Iona (Scottish Gaelic: Ì Chaluim Chille) is a small island in the Inner Hebrides off the western coast of Scotland. When Columba arrived with twelve monks in 563 he founded a great monastery. From that time Iona was known as a holy place. It was the center of Scottish Christianity for many centuries. Today it is a popular tourist attraction and a place for retreats. Its modern Gaelic name means "Iona of (Saint) Columba" (formerly anglicised "Icolmkill").
The main settlement, located at St. Ronan's Bay on the eastern side of the island, is called Baile Mòr. It is known locally as "The Village". The primary school, post office, the island's two hotels, the Bishop's House and the ruins of the Iona nunnery are here. The abbey and MacLeod Centre are a short walk to the north. There are a number of offshore Islands nearby. Eilean Annraidh (island of storm) and Eilean Chalbha (calf island) are larger islands to the north. Rèidh Eilean and Stac MhicMhurchaidh Islands lay to the west of Iona. Eilean Mùsimul (mouse holm island) and Soa Island are to the south.
At the start, Iona was a part of the Gaelic kingdom of Dál Riata. The island was the site of a highly important monastery during the Early Middle Ages. According to tradition the monastery was founded in 563 by the monk Columba, also known as Colm Cille, who had been exiled from his native Ireland. Columba and twelve companions went into exile on Iona and founded a monastery there. The monastery was very successful, and played a large part in the conversion of the Picts to Christianity. It also had an influence on the Anglo-Saxon kingdom of Northumbria. Many other monasteries were founded in Scotland and Iona became the center of a great monastic system. The scriptorium produced many very important documents.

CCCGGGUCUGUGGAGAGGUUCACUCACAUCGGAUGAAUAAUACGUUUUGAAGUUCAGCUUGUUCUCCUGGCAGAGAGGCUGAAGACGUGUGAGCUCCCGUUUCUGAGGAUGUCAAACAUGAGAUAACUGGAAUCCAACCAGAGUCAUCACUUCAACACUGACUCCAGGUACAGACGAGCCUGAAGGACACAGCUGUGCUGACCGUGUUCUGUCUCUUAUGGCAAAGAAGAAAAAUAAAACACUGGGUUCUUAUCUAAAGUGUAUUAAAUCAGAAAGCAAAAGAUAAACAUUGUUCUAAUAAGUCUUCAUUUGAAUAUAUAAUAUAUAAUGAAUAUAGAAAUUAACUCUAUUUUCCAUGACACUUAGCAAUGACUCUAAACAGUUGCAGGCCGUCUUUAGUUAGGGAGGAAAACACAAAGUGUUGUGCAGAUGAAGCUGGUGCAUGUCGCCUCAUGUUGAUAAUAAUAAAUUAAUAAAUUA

The monastery itself became the center of Celtic Christianity. Iona was a major supporter of the "Celtic" system for calculating the date of Easter. The missionaries and bishops who came to Britain from Rome used a Roman calculation for the date of Easter. This issue was settled when they adopted the Roman system at the Synod of Whitby in 664. Pictland adopted the Roman system in the early 8th century. Iona changed systems in 716, according to the Anglo-Saxon historian Bede. Iona's prominence was reduced over the next centuries as a result of Viking raids and the rise of other powerful monasteries in the system, such as the Abbey of Kells. The Book of Kells was created on Iona about the year 800. At about the same time the island's high crosses were erected. They had a ring around the top part that became the symbol called a "Celtic cross". The series of Viking raids on Iona began in 794 and, after its treasures had been plundered many times, Columba's relics were removed and divided two ways between Scotland and Ireland in 849 as the monastery was abandoned.
Kingdom of the IslesEdit